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indeed the press acknowledged him second in fame only to John Bunyan : his feasts kept pace in sale with Nelson's fasts; and when his own name was fairly written out of credit, he wrote himself into immortality under an alias. Now though necessity, or I should rather say the de. sire of finding money for a masquerade, drove Oliver Goldsmith upon abridging histories and turning Buffon into English, yet I much doubt if without that spur he would ever have put his Pegasus into action ; no, if he had been rich, the world would have been poorer than it is by the loss of all the treasures of his genius and the contributions of his pen. CUMBERLAND,

HENDERSON THE ACTOR. He was an actor of uncommon powers, and a man of the brightest intellect, formed to be the delight of society; and few indeed are those men of distinguished talents who have been more prematurely lost to the world, or more lastingly regretted. What he was on the stage those who recollect his Falstaff, Shylock, Sir Giles Overreach, and many other parts of the strong cast, can fully testify; what he was at his own fireside and in his social hours, all, who were within the circle of bis intimates, will not easily forget. He had an unceasing flow of spirits, and a boundless fund of humour irresistibly amusing: he also had wit, properly so distinguished, and from the specimens, which I have seen of his sallies in verse, leveled at a certain éditor of a public print, who

had annoyed him with his paragraphs, I am satisfied he had talents at command to have esta. blished a very high reputation as a poet. I was with him one morning when he was indisposed, and his physician, Sir John Eliot, paid him a visit. The doctor, as is well known, was a merry little being, wbo talked pretty much at random ; upon the present occasion, however, he came professionally to inquire how his medicine had succeeded, and in his northern accent demanded of his patient-“ Had he taken the palls that he sent him ?”-“ He had.” “ Well! and how did they agree? What had they done ?”—“ Wonders," replied Henderson, “ I survived them.”— To be sure you did,” said the doctor, “ and you must take more of them, and live for ever : I make all my patients immortal.”-“ That is ex. actly what I am afraid of, doctor,” rejoined the patient: “I met a lady of my acquaintance yesterday ; you know her very well : she was in bitter affliction, crying and bewailing herself in a most piteous fashion: I asked what had happened : a melancholy event ; her dearest friend was at death's door.”_" What is her disease?” cried the doctor.-" That is the very question I asked,” replied Henderson ; “ but she was in no danger from her disease ; it was very slight; a mere excuse for calling in a physician.”-“ Why, what the devil are you talking about,” rejoined the doctor, “ if she has called in a physician, and there was no danger in the disease, how could she be said to be at death's door ?"_" Because,” said Henderson, “ she had called in you : every body calls you in ; you dispatch a world of busi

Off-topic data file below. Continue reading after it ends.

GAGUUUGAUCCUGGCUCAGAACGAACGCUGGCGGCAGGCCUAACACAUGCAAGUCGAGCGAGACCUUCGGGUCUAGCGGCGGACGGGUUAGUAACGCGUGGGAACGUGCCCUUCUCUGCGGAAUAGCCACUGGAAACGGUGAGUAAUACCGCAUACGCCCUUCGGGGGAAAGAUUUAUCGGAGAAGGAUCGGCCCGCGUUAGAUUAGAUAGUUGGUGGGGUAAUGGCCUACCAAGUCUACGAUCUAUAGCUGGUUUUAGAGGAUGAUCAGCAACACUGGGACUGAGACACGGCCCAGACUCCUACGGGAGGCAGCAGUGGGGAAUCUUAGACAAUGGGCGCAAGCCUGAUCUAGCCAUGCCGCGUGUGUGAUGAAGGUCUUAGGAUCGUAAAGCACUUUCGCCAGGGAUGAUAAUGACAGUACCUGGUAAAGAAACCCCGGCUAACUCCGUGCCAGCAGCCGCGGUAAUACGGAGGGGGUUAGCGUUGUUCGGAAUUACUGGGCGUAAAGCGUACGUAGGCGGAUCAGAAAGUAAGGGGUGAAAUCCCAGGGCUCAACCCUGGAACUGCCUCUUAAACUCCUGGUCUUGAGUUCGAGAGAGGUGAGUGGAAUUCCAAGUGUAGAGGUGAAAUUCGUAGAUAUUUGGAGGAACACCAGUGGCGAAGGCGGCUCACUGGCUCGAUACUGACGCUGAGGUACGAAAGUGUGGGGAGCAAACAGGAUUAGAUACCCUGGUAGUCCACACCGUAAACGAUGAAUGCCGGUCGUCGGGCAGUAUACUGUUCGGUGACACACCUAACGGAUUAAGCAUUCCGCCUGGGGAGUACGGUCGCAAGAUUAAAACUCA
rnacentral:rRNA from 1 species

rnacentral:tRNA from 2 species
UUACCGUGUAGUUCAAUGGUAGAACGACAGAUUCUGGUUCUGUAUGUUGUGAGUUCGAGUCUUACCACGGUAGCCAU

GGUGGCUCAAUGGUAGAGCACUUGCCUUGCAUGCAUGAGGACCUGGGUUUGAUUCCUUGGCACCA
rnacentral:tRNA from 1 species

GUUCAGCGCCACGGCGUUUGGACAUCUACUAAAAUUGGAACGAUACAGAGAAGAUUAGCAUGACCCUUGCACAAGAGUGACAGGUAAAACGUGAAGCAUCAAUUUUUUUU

ness; and, if you come but once to each, your practice must have made you very rich.”-“Nay, nay,' quoth Sir John, “ I am not rich in this world ; I lay up my treasure in heaven.”—“ Then you may take leave of it for ever,” rejoined the other, “ for you have laid it up where you will never find it.”